Would the real “Turandot” please stand up?

Well, according to the poll, 75% feel that neither Lindstrom nor Guleghina were authentic enough in their portrayal of Puccini’s Principessa di Gelo.  So, what do I mean by authenticity?  When a composer creates a character, it is not solely their dramatis personae that is taken into account.  In fact, most operatic characters are defined by their singing, by the style of their music, and thus a number of elements come into play that go above and beyond fach.  To be authentic, language, aesthetic understanding, musicality, and emotional impetus are mandatory.

The role of Turandot is usually sung by a dramatic spinto, but don’t let this confuse you.  There are many moments where lyric qualities are absolutely necessary.  Actually, Turandot’s style and her mannerisms shift as her persona goes through a series of emotional shifts.  As such, the singer portraying her must possess all of these capabilities.  The role was originally sung by Puccini’s favourite soprano, Maria Jeritza.  The other great, and my personal favourite, was Birgit Nilsson.  Unfortunately, neither Lindstrom or Guleghina came close…should we expect them to?  ABSOLUTELY!  Just because we are hedging on 2010 doesn’t mean that we should consider that the great era of singers has come to an end.  Obviously, this notion affects the young generation of singers and how they are being instructed (but that’s another issue altogether).

Lindstrom’s debut was exciting, to say the least, and the voice has the type of laser quality that is absolutely necessary of Turandot.  Lacking in this quality deems Turandot’s persona to be warmer than she should be.  The upper tessitura requires that kind of silver shimmer that lingers in the theater long after the note has ended.  Unfortunately, Ms. Lindstrom’s middle and lower voice were uneven in relationship to her upper voice.  This is a technical issue and not the result of the role itself.  Interestingly, singers of this fach need to use chest resonance in the middle and lower voices because the top is so heavy.  Pushing the head voice down too far isn’t condusive.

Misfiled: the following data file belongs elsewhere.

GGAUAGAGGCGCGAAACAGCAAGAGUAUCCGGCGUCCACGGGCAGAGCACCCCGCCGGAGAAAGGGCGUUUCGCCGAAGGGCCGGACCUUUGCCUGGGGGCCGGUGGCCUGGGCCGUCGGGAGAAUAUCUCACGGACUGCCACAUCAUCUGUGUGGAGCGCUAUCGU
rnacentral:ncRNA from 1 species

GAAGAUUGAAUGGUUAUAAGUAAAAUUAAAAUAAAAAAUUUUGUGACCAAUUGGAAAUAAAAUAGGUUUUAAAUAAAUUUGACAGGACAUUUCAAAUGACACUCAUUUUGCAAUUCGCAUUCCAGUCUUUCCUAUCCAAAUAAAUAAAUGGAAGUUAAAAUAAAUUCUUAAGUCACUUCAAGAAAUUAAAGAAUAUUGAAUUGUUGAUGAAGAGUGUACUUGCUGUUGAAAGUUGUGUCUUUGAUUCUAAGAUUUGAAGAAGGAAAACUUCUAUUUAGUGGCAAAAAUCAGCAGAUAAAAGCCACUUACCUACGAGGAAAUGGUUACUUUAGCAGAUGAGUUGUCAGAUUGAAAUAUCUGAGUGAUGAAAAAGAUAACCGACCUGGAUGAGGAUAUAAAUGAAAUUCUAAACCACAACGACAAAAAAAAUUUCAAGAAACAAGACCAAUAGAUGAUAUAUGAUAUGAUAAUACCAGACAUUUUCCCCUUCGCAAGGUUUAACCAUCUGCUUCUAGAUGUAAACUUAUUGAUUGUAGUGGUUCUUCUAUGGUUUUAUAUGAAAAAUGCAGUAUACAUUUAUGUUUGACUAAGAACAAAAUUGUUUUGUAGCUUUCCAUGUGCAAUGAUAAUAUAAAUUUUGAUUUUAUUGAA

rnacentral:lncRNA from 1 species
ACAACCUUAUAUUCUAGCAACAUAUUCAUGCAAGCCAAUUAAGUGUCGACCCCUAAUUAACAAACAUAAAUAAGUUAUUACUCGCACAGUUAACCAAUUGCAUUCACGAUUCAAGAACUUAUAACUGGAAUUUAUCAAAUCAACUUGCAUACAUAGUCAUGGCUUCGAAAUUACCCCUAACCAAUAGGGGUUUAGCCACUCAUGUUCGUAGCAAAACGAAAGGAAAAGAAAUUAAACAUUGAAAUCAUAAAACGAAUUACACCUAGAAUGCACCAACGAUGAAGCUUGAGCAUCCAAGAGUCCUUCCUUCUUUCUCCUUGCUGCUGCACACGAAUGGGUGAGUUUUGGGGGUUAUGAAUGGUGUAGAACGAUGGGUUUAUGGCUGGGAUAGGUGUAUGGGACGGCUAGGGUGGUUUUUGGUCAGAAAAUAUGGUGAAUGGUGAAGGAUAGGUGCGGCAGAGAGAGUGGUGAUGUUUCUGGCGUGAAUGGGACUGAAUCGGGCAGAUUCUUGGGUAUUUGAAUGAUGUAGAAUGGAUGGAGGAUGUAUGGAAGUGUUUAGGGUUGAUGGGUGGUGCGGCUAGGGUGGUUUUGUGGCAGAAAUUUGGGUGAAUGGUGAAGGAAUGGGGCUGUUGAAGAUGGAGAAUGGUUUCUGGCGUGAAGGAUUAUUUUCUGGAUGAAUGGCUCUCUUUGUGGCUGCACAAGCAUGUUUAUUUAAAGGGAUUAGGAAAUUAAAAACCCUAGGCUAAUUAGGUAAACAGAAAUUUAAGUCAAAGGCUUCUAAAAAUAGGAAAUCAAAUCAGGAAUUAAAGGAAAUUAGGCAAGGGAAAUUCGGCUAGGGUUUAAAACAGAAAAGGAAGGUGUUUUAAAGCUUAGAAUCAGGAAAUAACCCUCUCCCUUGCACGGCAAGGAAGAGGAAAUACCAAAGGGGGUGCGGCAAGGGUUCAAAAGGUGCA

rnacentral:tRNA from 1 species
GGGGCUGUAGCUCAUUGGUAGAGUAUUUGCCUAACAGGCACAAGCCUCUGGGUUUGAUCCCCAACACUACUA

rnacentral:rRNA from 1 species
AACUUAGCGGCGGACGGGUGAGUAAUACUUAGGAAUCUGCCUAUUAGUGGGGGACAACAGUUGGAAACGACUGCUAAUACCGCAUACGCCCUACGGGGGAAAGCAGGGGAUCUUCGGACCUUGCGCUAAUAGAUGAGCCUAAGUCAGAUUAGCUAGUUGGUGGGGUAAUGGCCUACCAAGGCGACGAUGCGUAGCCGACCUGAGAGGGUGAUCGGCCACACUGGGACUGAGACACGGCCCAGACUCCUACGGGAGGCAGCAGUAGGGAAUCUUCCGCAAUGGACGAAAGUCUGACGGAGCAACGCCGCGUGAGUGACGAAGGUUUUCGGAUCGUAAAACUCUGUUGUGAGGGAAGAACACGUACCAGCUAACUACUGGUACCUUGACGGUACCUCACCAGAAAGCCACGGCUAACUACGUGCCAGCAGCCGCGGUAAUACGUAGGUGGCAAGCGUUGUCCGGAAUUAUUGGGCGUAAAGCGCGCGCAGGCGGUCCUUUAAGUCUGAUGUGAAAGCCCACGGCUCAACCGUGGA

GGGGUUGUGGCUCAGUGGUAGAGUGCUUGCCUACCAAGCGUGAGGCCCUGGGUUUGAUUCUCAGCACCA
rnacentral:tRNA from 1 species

Guleghina, on the other hand, has a much darker tone and is, in my opinion, not as much a spinto as she is a Dramatic Soprano.  She is more comfortable in the middle and lower range than the top and unfortunately many of her upper notes left much to be desired.  She infused portamenti into those phrases where the higher notes are meant to be held, lingering, spinning, and laser-like, in order to save herself.  There is no question that the voice is important in the genre, but unfortunately, she didn’t impress more than Lindstrom.

Perhaps we should make a clone by combining the two of them:  Lindstrom’s top with Guleghina’s middle and bottom would be ideal….but still, never Nilsson.

Nilsson as TurandotBirgit Nilsson, the quintessential Turandot

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One CommentLeave a comment

  1. What an interesting subject! One of the best Turandot I experience was Lucilla Udovich, at San Carlo 1962, with Gencer and Corelli. Her voice had the lyric quality you speak about, along with a voice full of squillo, high C that damaged the roof. Another excellent Turandot was Danica Mastilovic, I remember at Monte Carlo, such a huge voice, complete technical control, not a single note caused her trouble. Her voice was similar to Nilsson, but bigger.

    Something would be very interesting, if a live registration of one of Milanov’s Turandot should ever be found!


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